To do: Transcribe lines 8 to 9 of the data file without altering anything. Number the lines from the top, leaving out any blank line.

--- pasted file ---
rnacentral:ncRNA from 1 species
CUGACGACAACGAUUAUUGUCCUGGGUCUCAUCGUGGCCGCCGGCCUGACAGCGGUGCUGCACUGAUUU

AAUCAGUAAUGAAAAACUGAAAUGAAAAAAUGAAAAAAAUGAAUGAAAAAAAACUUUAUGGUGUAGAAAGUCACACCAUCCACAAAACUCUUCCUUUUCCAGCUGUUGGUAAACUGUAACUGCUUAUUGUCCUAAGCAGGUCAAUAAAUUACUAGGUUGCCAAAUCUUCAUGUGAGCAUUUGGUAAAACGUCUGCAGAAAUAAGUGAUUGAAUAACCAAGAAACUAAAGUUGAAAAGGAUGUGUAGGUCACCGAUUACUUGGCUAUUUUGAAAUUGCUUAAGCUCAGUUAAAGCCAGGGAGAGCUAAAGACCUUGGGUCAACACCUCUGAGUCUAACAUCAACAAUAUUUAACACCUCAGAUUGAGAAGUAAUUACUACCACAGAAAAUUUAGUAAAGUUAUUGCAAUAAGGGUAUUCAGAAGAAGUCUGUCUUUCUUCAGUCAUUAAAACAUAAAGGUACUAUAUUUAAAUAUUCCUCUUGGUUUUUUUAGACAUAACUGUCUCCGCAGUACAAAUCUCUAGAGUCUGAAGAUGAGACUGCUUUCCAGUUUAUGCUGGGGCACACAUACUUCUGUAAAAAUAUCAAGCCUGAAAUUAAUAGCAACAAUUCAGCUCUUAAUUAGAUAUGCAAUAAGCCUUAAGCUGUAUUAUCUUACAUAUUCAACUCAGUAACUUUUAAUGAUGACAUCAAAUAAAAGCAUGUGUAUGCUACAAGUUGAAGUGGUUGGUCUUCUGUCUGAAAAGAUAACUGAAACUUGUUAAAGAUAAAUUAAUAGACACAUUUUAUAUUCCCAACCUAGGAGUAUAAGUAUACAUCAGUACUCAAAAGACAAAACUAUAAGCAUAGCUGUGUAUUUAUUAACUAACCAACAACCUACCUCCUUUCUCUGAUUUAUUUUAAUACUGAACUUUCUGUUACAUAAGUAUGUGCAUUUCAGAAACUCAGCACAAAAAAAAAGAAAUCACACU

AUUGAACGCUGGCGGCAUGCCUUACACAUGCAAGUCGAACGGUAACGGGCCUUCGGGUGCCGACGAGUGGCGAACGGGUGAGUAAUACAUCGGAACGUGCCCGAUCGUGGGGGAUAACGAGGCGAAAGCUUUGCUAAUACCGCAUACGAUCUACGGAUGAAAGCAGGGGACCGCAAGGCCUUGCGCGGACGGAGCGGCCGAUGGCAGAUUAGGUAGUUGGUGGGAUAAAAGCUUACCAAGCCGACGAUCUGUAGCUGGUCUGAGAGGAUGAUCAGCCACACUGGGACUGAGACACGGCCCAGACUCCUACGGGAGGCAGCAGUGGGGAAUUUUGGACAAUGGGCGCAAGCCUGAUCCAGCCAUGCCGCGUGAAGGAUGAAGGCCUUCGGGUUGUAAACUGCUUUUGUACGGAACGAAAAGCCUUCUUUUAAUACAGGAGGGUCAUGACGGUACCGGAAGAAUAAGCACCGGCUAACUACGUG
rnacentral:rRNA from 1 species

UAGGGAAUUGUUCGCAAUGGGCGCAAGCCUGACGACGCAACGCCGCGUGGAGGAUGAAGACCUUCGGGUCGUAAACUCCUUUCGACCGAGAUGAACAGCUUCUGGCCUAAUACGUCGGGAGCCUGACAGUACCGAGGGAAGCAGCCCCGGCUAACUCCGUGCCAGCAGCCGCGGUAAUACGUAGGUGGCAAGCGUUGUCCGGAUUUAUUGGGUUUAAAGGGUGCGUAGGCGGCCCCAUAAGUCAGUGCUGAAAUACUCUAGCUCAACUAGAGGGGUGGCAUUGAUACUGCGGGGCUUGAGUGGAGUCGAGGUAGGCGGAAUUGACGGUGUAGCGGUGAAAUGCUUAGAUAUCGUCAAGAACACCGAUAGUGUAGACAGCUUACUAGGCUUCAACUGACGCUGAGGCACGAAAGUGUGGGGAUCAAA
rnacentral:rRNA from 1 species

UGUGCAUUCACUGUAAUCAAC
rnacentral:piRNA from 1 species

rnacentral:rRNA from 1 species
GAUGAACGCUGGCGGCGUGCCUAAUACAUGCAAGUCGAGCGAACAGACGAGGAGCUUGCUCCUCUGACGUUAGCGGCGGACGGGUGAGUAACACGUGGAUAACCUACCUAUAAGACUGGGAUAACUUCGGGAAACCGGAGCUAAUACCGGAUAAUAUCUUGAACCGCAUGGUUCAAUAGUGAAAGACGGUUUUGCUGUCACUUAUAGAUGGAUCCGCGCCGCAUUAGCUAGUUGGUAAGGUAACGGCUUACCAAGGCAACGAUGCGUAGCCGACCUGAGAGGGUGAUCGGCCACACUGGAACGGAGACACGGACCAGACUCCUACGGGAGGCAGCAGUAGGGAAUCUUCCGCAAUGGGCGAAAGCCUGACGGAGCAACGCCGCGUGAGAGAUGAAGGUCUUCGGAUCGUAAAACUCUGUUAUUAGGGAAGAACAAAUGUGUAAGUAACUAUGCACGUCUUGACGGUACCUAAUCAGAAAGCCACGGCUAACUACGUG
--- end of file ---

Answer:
UGUGCAUUCACUGUAAUCAAC
rnacentral:piRNA from 1 species